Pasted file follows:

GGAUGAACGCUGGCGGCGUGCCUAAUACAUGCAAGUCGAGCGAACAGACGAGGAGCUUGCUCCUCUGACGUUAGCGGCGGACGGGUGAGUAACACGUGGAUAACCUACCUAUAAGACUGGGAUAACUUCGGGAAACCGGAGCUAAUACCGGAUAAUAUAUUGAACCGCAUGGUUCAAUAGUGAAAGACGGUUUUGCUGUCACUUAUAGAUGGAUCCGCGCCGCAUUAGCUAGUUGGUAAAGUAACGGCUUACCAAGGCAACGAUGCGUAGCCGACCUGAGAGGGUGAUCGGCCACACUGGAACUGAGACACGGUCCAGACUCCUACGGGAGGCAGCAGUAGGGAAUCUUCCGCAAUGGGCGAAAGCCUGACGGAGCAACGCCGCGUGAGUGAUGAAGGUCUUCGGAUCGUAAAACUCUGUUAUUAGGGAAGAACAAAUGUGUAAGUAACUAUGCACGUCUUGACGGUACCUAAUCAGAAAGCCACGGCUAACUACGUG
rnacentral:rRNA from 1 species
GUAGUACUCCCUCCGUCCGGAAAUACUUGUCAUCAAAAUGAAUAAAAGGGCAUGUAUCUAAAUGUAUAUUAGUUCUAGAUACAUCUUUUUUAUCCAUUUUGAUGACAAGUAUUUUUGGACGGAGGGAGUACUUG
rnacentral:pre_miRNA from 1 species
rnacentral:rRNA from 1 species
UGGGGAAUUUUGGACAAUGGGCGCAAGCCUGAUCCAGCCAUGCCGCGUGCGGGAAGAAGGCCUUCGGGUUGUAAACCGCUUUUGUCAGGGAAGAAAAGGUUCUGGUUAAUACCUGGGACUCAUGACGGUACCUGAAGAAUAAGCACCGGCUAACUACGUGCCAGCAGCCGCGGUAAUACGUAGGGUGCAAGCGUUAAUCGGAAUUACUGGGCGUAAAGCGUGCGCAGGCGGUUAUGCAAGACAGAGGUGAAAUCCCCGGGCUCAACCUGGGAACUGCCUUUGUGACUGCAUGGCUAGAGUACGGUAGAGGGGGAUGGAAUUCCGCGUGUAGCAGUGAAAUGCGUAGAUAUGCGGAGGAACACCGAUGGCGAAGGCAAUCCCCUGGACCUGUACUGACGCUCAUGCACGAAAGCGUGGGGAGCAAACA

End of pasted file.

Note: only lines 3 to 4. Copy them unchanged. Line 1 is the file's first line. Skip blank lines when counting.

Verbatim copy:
GUAGUACUCCCUCCGUCCGGAAAUACUUGUCAUCAAAAUGAAUAAAAGGGCAUGUAUCUAAAUGUAUAUUAGUUCUAGAUACAUCUUUUUUAUCCAUUUUGAUGACAAGUAUUUUUGGACGGAGGGAGUACUUG
rnacentral:pre_miRNA from 1 species